airport in Mosnov for the respected military event and air show. The
weekend programme will see some 72 presentations: on Saturday morning
visitors were able to see both fighter planes as well as rescue
helicopters in action.

Two hundred protest against town leadership

The town of Varnsdorf, North Bohemia, on Saturday saw the latest in a
series of demonstrations, this time not aimed against the local Romany
population but the leadership of the town itself. Around two hundred
people gathered on the town's Edvard Benes Square between 1 and 3 pm.
Unlike several other protests held in the town, the latest was not
organised by outside groups - namely right-wing extremists aiming to
capitalise on growing social unrest in the area. Mf Dnes reported that
on Saturday someone even had a beer stand open at the demonstration -
offering 'reasonable prices'. Police monitored the event; there were no
unexpected incidents.

Eight injured in mini-van crash

Eight Polish nationals were injured on Friday night when their driver
lost control of their mini-van on a highway between Olomouc and Ostrava
and went off a 15 metre cliff. Emergency crew members worked to free
one of the men from the vehicle, which had overturned on its roof; the
others were able to get out by themselves. All eight were transferred
to hospital and treated for injuries - some of them serious.
Concussions are suspected and one person who had suffered extensive
facial injuries underwent surgery. Traffic on the section of highway
where the accident took place was temporarily affected.

Jagr plays first game since returning to NHL

Czech hockey legend Jaromir Jagr has played his first match since
returning to the NHL. Playing for his new team the Philadelphia Flyers
in the pre-season, he earned an assist and scored the game-winning goal
against the Detroit Red Wings. The Flyers were the visiting team.
Jagr's performance was highly praised by team coach Peter Laviolette.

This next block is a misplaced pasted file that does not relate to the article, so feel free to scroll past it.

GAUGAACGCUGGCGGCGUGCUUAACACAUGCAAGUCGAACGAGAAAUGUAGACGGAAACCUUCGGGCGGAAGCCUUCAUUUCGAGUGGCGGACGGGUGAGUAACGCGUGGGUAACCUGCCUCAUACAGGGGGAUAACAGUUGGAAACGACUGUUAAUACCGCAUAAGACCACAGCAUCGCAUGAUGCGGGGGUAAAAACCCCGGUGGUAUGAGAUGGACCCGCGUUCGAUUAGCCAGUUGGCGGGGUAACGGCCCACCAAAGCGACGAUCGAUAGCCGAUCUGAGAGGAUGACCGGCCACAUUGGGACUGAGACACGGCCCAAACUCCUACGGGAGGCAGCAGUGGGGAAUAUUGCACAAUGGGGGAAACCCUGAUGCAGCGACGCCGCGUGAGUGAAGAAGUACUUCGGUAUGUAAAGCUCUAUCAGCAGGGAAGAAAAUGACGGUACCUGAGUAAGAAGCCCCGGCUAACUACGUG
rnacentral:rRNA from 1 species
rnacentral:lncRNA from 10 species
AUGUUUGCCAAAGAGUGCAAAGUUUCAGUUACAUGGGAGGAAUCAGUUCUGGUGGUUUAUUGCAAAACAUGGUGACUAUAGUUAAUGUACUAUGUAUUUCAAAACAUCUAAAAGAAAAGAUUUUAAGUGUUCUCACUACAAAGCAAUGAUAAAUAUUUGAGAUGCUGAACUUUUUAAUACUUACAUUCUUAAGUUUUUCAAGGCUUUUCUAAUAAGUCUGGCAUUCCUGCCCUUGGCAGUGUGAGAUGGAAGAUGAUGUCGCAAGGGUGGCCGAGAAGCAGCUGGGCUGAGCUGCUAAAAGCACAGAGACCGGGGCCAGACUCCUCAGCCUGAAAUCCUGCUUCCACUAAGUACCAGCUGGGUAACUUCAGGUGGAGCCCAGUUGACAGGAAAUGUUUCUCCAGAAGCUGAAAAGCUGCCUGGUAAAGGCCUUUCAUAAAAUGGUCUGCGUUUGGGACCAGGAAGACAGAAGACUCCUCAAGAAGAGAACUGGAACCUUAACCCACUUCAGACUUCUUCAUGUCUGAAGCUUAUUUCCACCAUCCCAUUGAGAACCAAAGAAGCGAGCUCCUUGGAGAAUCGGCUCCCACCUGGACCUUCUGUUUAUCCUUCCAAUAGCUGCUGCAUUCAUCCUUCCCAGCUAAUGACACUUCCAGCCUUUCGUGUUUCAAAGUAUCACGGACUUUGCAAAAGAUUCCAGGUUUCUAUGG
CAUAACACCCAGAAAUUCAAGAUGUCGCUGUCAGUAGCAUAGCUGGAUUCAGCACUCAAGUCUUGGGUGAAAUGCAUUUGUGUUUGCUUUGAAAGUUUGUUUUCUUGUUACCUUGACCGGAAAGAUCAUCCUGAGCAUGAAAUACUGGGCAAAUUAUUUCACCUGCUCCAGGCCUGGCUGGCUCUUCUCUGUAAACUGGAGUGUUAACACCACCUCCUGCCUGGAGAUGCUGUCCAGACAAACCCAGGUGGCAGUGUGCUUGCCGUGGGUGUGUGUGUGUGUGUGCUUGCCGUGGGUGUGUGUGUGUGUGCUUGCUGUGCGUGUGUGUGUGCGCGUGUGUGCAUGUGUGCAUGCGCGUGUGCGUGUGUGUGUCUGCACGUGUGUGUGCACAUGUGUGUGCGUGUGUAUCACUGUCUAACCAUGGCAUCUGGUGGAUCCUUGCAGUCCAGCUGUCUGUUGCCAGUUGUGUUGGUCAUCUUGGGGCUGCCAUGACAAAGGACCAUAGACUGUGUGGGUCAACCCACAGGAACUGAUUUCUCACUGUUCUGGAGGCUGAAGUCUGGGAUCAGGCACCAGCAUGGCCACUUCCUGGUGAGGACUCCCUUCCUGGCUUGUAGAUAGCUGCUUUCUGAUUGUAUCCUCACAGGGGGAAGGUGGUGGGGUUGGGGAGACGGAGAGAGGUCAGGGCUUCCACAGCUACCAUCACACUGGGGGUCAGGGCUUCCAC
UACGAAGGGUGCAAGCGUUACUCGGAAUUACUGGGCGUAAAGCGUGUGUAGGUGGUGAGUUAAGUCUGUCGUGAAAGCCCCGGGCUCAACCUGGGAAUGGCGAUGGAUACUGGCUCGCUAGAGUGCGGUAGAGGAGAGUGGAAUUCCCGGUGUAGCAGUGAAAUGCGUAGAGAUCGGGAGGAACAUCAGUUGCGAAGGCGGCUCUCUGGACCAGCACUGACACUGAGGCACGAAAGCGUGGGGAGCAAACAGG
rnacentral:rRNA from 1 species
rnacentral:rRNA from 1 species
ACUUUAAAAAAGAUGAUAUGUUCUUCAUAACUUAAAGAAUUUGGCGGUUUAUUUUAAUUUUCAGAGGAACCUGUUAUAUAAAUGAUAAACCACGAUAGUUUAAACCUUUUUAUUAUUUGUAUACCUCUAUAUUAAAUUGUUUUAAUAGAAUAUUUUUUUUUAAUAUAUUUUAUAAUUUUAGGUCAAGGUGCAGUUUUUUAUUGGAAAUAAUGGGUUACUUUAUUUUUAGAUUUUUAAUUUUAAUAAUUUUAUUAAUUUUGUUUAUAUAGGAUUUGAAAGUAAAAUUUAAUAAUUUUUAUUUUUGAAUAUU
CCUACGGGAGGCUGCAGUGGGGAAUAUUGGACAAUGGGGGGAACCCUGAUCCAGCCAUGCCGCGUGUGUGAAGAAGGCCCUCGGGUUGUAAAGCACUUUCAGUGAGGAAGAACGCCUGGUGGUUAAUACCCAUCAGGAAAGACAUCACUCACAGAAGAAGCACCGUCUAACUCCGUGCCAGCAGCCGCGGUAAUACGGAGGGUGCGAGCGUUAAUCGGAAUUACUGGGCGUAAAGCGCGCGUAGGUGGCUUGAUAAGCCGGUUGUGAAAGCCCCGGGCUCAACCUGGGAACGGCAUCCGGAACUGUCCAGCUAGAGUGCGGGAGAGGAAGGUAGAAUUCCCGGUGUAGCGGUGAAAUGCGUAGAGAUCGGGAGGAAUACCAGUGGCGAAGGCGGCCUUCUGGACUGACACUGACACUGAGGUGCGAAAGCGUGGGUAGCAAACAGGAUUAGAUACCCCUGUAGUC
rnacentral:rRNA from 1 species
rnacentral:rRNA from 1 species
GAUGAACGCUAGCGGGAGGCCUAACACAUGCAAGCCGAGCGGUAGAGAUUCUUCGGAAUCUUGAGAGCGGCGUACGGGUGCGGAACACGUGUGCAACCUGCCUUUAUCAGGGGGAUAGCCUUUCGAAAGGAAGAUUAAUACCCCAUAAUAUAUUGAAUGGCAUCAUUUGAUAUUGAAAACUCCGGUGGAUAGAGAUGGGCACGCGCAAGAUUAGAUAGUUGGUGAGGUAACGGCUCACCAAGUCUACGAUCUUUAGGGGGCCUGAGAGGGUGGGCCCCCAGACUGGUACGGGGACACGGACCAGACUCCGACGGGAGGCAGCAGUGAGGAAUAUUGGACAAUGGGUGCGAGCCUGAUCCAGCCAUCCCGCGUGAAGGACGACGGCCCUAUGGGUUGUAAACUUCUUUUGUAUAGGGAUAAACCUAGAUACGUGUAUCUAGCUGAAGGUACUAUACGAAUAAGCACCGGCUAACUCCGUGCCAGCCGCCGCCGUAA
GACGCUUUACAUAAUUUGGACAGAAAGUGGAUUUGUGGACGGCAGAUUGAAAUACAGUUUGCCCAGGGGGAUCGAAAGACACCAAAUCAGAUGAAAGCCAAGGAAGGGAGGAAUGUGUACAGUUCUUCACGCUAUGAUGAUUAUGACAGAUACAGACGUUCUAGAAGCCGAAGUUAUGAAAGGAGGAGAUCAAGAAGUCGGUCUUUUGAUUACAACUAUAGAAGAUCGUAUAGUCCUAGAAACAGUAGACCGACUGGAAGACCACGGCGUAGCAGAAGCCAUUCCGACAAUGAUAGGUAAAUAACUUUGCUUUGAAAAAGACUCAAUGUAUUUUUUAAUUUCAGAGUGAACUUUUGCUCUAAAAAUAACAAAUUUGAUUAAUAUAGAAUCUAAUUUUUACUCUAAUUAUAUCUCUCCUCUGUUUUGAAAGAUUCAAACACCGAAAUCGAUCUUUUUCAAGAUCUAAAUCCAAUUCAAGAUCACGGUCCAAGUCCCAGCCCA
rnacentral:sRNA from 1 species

The Czech forward was more critical, telling reporters jovially
afterwards that the game was "fast", adding that he needed to improve.


Conditions over the coming days are expected to be partly cloudy.
Daytime temperatures should reach highs between 16 and 20o Celsius.

Articles posted on today

A Prague poet "infinitely better known than Shakespeare"

In Czech Books this week we find out about the life and times of an
English-born Renaissance poet who spent nearly all her life in Prague
and in her time was more celebrated than Shakespeare. David Vaughan has
been exploring the life and work of "Westonia".

The Fort above the Black Forests - Kostelec nad Cernymi Lesy

This week's spotlight focuses on one of the main centres of forestry in
the Czech Republic and an oft overlooked pearl of Bohemian cultural
heritage. Christian Falvey gives us his impressions of the town of
Kostelec nad Cernymi lesy.

After 1945: something like normality

In From the Archives this week we carry on where we left off at the end
of August in our chronological journey through the Czech Radio
archives. We had reached the point just after the end of World War Two;
after the initial euphoria, the hard work of rebuilding the country
began: not least at the Czechoslovak Radio building itself, which had
been shot to pieces in the Prague Uprising and received a direct hit
from a German aerial torpedo.